The Beatles captured the hearts and ears of a generation with music that continues to resonate today. Here are 17 hits by The Beatles, produced by George Martin, whose contributions ranged far beyond the traditional producer role, from arranging to composing to playing instruments:
1. “Please Please Me” (1963)
When John Lennon and Paul McCartney first played “Please Please Me” for George Martin during their second EMI recording session on September 4th, 1962, the song was miles away from the uptempo tune that would become their first Number One. “At that stage ‘Please Please Me’ was a very dreary song,” Martin recalled to historian Mark Lewisohn. “It was like a Roy Orbison number, very slow, bluesy vocals. It was obvious to me that it badly needed pepping up.” He suggested they speed it up double-time, and suddenly they had a hit on their hands. “We were a bit embarrassed that he had found a better tempo than we had,” admitted McCartney in The Beatles Anthology.
2. “A Hard Day’s Night” (1964)
Song featured in the Beatles’ first film, with that title — taken from drummer Ringo’s response to a comment that he looked tired: “Yea, I’ve had a hard day’s night, you know.”
3. “Yesterday” (1965)
When Paul McCartney first completed the song he literally dreamed up, the rest of the band were at a loss for what to play on it. The somber tone and mournful lyrics didn’t really lend themselves to an effective drum pattern, jangly guitars or even vocal harmonies. Read the rest of this entry »
vintage everyday has a small collection of rare photos of John Lennon traveling in Hong Kong in May 1977 with Sean, who was about two years old, and was on his way to meet Yoko in Japan.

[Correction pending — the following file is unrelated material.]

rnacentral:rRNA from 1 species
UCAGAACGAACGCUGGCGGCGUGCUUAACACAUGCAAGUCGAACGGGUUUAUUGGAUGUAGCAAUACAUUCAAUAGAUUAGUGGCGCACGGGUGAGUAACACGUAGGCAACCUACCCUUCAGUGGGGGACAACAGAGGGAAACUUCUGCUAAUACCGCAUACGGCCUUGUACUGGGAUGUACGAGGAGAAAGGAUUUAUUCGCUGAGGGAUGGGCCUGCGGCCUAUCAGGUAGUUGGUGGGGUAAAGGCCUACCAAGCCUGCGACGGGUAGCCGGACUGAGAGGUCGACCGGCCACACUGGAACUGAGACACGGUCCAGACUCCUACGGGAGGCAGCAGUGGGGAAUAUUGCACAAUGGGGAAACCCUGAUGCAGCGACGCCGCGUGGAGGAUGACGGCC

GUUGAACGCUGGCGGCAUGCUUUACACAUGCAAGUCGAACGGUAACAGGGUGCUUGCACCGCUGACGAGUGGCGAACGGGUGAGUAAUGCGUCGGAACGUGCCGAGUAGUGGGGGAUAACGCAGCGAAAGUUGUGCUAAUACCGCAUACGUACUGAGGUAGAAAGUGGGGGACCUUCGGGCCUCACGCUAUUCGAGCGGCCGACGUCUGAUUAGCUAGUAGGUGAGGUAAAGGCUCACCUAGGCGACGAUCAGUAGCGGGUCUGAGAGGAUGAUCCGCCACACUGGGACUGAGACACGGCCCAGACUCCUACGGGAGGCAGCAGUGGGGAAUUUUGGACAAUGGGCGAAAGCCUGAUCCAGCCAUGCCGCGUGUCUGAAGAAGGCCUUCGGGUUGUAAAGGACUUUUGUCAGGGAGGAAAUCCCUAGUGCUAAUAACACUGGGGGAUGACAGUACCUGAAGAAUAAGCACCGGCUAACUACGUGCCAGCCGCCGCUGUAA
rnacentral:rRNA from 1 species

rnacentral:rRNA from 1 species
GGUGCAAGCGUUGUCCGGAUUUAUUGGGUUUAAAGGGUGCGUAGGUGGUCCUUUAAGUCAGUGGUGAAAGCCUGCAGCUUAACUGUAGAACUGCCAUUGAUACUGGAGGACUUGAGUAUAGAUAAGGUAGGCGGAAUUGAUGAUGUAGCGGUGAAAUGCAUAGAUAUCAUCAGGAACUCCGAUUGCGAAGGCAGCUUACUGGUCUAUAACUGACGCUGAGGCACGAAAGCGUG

Billboard’s Track-by-Track Album Review
Kenneth Partridge writes: Over the course of 16 months beginning in early 1969, an ambitious project that was titled Get Back and intended to document the back-to-basics rebirth of the Beatles devolved into Let It Be, a heavily fussed-over hodgepodge of live and studio cuts finally issued a month after the band had broken up. It’s a messy end to the Fab Four story, though in some ways, it’s not an ending at all.
Released 45 years ago today, on May 8, 1970, Let It Be isn’t really the final Beatles studio album. It was recorded almost entirely in January 1969, shortly before the lads regrouped, worked their magic one last time, and cut the vastly superior Abbey Road, which dropped in September ‘69.
Whereas Abbey Road came together somewhat naturally—in a proper studio, with longtime producer George Martin at the helm—Let It Be (and its accompanying film) was completely forced. Its uncharacteristic spottiness has much to do with the wrongheaded approach.
From the beginning, Let It Be was Paul McCartney’s baby. He’d been leading the band since manager Brian Epstein’s death in 1967, and as relationships grew strained, and the greatest rock ‘n’ roll band of all time started to splinter, Paul seemed the least willing to, you know, let it be.
Somehow, he convinced John Lennon, George Harrison, and Ringo Starr that the best way forward was to hire a film crew and make a movie about the band’s efforts to rehearse for a live performance (or series of live performances) that would help wipe away the acrimony and make everything fab once again. As any reality-TV alum can attest, the presence of cameras rarely makes life easier, and it didn’t help that a completely checked-out John insisted on bringing then-girlfriend Yoko Ono to the sessions.
Not that she was the problem. Harrison was the first to snap, and he quit the band about a week into the sessions. He agreed to return, but only if they moved from the Twickenham soundstage where they’d been working to the basement studio at their own Apple Corps headquarters in London. It was there that the group hunkered down for the remainder of the month, amassing hours and hours of music Lennon described in a 1970 interview with Rolling Stone as “the shittiest load of badly recorded shit—and with a lousy feeling to it.”